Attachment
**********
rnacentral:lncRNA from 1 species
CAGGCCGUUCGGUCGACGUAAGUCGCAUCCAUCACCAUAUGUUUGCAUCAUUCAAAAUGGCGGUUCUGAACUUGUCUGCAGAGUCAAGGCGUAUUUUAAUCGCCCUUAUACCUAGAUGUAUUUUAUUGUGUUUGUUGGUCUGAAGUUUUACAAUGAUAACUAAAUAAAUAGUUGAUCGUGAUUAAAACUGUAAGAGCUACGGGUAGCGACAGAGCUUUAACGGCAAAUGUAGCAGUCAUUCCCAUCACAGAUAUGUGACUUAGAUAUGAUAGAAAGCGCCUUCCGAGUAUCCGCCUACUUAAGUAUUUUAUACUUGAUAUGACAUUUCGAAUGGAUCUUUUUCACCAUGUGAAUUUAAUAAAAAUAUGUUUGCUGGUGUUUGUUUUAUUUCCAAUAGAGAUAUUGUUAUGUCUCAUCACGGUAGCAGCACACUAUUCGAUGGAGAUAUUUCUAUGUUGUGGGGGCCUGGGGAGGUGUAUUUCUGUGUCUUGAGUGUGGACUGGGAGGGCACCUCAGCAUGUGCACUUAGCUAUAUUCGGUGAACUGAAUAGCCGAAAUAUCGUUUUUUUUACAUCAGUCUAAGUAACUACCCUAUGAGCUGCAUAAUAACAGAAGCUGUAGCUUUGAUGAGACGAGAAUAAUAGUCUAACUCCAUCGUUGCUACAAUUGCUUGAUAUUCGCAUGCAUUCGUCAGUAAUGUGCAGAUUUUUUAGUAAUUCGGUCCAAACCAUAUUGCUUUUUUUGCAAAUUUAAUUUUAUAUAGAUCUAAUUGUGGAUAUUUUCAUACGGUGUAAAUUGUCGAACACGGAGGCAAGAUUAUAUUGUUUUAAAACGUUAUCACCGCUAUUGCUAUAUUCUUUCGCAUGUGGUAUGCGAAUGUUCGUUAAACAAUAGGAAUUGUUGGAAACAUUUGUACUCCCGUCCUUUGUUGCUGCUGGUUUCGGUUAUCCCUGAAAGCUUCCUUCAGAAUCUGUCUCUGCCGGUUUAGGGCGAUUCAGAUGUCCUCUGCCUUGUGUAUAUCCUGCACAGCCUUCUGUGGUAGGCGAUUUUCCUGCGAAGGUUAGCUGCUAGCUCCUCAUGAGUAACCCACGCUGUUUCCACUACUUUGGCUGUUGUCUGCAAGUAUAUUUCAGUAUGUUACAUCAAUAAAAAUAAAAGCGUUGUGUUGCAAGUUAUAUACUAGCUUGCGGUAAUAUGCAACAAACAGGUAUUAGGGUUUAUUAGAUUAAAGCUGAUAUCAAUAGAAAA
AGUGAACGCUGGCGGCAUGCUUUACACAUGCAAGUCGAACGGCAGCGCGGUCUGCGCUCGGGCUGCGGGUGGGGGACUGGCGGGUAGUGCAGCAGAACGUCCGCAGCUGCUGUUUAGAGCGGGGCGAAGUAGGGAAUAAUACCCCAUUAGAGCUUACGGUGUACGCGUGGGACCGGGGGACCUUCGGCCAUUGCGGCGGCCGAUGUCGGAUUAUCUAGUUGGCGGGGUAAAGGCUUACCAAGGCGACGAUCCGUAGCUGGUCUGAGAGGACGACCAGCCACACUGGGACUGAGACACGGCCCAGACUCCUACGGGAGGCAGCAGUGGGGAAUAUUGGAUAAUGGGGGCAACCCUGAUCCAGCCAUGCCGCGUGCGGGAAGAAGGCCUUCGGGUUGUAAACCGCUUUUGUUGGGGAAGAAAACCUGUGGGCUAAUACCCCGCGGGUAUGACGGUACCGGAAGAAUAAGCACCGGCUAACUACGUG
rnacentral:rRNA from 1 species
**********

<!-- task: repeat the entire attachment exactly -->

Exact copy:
rnacentral:lncRNA from 1 species
CAGGCCGUUCGGUCGACGUAAGUCGCAUCCAUCACCAUAUGUUUGCAUCAUUCAAAAUGGCGGUUCUGAACUUGUCUGCAGAGUCAAGGCGUAUUUUAAUCGCCCUUAUACCUAGAUGUAUUUUAUUGUGUUUGUUGGUCUGAAGUUUUACAAUGAUAACUAAAUAAAUAGUUGAUCGUGAUUAAAACUGUAAGAGCUACGGGUAGCGACAGAGCUUUAACGGCAAAUGUAGCAGUCAUUCCCAUCACAGAUAUGUGACUUAGAUAUGAUAGAAAGCGCCUUCCGAGUAUCCGCCUACUUAAGUAUUUUAUACUUGAUAUGACAUUUCGAAUGGAUCUUUUUCACCAUGUGAAUUUAAUAAAAAUAUGUUUGCUGGUGUUUGUUUUAUUUCCAAUAGAGAUAUUGUUAUGUCUCAUCACGGUAGCAGCACACUAUUCGAUGGAGAUAUUUCUAUGUUGUGGGGGCCUGGGGAGGUGUAUUUCUGUGUCUUGAGUGUGGACUGGGAGGGCACCUCAGCAUGUGCACUUAGCUAUAUUCGGUGAACUGAAUAGCCGAAAUAUCGUUUUUUUUACAUCAGUCUAAGUAACUACCCUAUGAGCUGCAUAAUAACAGAAGCUGUAGCUUUGAUGAGACGAGAAUAAUAGUCUAACUCCAUCGUUGCUACAAUUGCUUGAUAUUCGCAUGCAUUCGUCAGUAAUGUGCAGAUUUUUUAGUAAUUCGGUCCAAACCAUAUUGCUUUUUUUGCAAAUUUAAUUUUAUAUAGAUCUAAUUGUGGAUAUUUUCAUACGGUGUAAAUUGUCGAACACGGAGGCAAGAUUAUAUUGUUUUAAAACGUUAUCACCGCUAUUGCUAUAUUCUUUCGCAUGUGGUAUGCGAAUGUUCGUUAAACAAUAGGAAUUGUUGGAAACAUUUGUACUCCCGUCCUUUGUUGCUGCUGGUUUCGGUUAUCCCUGAAAGCUUCCUUCAGAAUCUGUCUCUGCCGGUUUAGGGCGAUUCAGAUGUCCUCUGCCUUGUGUAUAUCCUGCACAGCCUUCUGUGGUAGGCGAUUUUCCUGCGAAGGUUAGCUGCUAGCUCCUCAUGAGUAACCCACGCUGUUUCCACUACUUUGGCUGUUGUCUGCAAGUAUAUUUCAGUAUGUUACAUCAAUAAAAAUAAAAGCGUUGUGUUGCAAGUUAUAUACUAGCUUGCGGUAAUAUGCAACAAACAGGUAUUAGGGUUUAUUAGAUUAAAGCUGAUAUCAAUAGAAAA
AGUGAACGCUGGCGGCAUGCUUUACACAUGCAAGUCGAACGGCAGCGCGGUCUGCGCUCGGGCUGCGGGUGGGGGACUGGCGGGUAGUGCAGCAGAACGUCCGCAGCUGCUGUUUAGAGCGGGGCGAAGUAGGGAAUAAUACCCCAUUAGAGCUUACGGUGUACGCGUGGGACCGGGGGACCUUCGGCCAUUGCGGCGGCCGAUGUCGGAUUAUCUAGUUGGCGGGGUAAAGGCUUACCAAGGCGACGAUCCGUAGCUGGUCUGAGAGGACGACCAGCCACACUGGGACUGAGACACGGCCCAGACUCCUACGGGAGGCAGCAGUGGGGAAUAUUGGAUAAUGGGGGCAACCCUGAUCCAGCCAUGCCGCGUGCGGGAAGAAGGCCUUCGGGUUGUAAACCGCUUUUGUUGGGGAAGAAAACCUGUGGGCUAAUACCCCGCGGGUAUGACGGUACCGGAAGAAUAAGCACCGGCUAACUACGUG
rnacentral:rRNA from 1 species